Westcountry farmers have welcomed moves by Environment Secretary Owen Paterson to reopen the debate on the use of genetically-modified crops in the UK.
In a speech tomorrow, Mr Paterson will call for fresh talks over the risks and benefits of the controversial technology.
A supporter of GM crops, Mr Paterson is reported to favour the Government taking a more proactive line in spelling out the potential benefits.
In January, Mr Paterson told the Oxford Farming Conference that farmers had to embrace genetically-modified food to secure their future in an increasingly competitive agricultural world.
"GM needs to be considered in its proper overall context with a balanced understanding of the risks and benefits," he said.
"But we should not be afraid of making the case to the public about the potential benefits of GM beyond the food chain – significantly reducing the use of pesticides and inputs such as diesel."
Suggestions that GM technology was new and frightening, he said, was total nonsense. The European Union's negative approach to GM, was also affecting development in the UK.
"We are talking with the EU on this all the time," Mr Paterson added. "But I think the rules are holding back our farmers. There are only two GM products licensed in the EU and there should be much more."
The debate over GM has been polarised with opponents labelling in "Frankenstein food" and claiming that it could lead to a loss of wildlife. The Soil Association said GM crops were "less fair, potentially risky and less sustainable" adding the technology had "overpromised and under-delivered".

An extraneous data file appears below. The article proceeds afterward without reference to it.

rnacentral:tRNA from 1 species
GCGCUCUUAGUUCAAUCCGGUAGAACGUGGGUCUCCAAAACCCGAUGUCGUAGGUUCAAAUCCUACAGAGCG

Ian Johnson, spokesman for the National Farmers' Union in the South West, said there were many potential benefits including a reduction in the use of pesticides, medical applications, as well as improving food production.
"You can't deny this technology," he said. "It exists and is being utilised all over the world. For us to think we can isolated ourselves from the debate is like living in cloud cuckoo land. We need an open and honest debate rather than shut it down which is what we have seen on other issues in the past such as bovine TB."
A spokesman for the Department for Environment, Food and Rural Affairs said: "The world's population is set to hit 9 billion by 2050, and to meet the challenge we must increase food production, minimise waste and boost competition.
"We must not ignore technologies, including GM, that can meet the challenge, particularly when they could also bring environmental and economic benefits to the UK as well as internationally."